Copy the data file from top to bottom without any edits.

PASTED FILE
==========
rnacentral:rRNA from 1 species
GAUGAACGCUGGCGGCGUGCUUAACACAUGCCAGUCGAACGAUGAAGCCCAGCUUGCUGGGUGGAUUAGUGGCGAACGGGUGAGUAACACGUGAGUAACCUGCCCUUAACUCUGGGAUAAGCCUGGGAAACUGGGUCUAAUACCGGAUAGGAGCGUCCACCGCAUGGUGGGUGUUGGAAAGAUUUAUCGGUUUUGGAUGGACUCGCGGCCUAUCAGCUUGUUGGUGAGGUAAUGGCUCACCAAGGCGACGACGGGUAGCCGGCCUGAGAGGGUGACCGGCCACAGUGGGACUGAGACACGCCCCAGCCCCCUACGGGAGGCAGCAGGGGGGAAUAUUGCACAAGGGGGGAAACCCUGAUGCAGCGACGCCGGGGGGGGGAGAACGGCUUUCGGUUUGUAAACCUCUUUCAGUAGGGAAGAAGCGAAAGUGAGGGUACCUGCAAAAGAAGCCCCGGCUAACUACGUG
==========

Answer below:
rnacentral:rRNA from 1 species
GAUGAACGCUGGCGGCGUGCUUAACACAUGCCAGUCGAACGAUGAAGCCCAGCUUGCUGGGUGGAUUAGUGGCGAACGGGUGAGUAACACGUGAGUAACCUGCCCUUAACUCUGGGAUAAGCCUGGGAAACUGGGUCUAAUACCGGAUAGGAGCGUCCACCGCAUGGUGGGUGUUGGAAAGAUUUAUCGGUUUUGGAUGGACUCGCGGCCUAUCAGCUUGUUGGUGAGGUAAUGGCUCACCAAGGCGACGACGGGUAGCCGGCCUGAGAGGGUGACCGGCCACAGUGGGACUGAGACACGCCCCAGCCCCCUACGGGAGGCAGCAGGGGGGAAUAUUGCACAAGGGGGGAAACCCUGAUGCAGCGACGCCGGGGGGGGGAGAACGGCUUUCGGUUUGUAAACCUCUUUCAGUAGGGAAGAAGCGAAAGUGAGGGUACCUGCAAAAGAAGCCCCGGCUAACUACGUG